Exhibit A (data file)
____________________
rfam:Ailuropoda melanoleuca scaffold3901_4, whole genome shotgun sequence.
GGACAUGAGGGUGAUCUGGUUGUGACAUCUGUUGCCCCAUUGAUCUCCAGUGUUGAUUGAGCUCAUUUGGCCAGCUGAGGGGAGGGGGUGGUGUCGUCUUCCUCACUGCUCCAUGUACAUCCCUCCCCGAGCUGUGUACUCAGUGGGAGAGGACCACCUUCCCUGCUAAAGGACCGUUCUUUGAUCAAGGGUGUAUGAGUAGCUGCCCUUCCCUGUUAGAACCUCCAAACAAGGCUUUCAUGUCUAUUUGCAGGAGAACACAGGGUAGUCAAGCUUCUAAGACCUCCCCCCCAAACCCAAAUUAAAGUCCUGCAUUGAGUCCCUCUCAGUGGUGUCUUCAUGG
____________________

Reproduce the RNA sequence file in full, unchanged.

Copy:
rfam:Ailuropoda melanoleuca scaffold3901_4, whole genome shotgun sequence.
GGACAUGAGGGUGAUCUGGUUGUGACAUCUGUUGCCCCAUUGAUCUCCAGUGUUGAUUGAGCUCAUUUGGCCAGCUGAGGGGAGGGGGUGGUGUCGUCUUCCUCACUGCUCCAUGUACAUCCCUCCCCGAGCUGUGUACUCAGUGGGAGAGGACCACCUUCCCUGCUAAAGGACCGUUCUUUGAUCAAGGGUGUAUGAGUAGCUGCCCUUCCCUGUUAGAACCUCCAAACAAGGCUUUCAUGUCUAUUUGCAGGAGAACACAGGGUAGUCAAGCUUCUAAGACCUCCCCCCCAAACCCAAAUUAAAGUCCUGCAUUGAGUCCCUCUCAGUGGUGUCUUCAUGG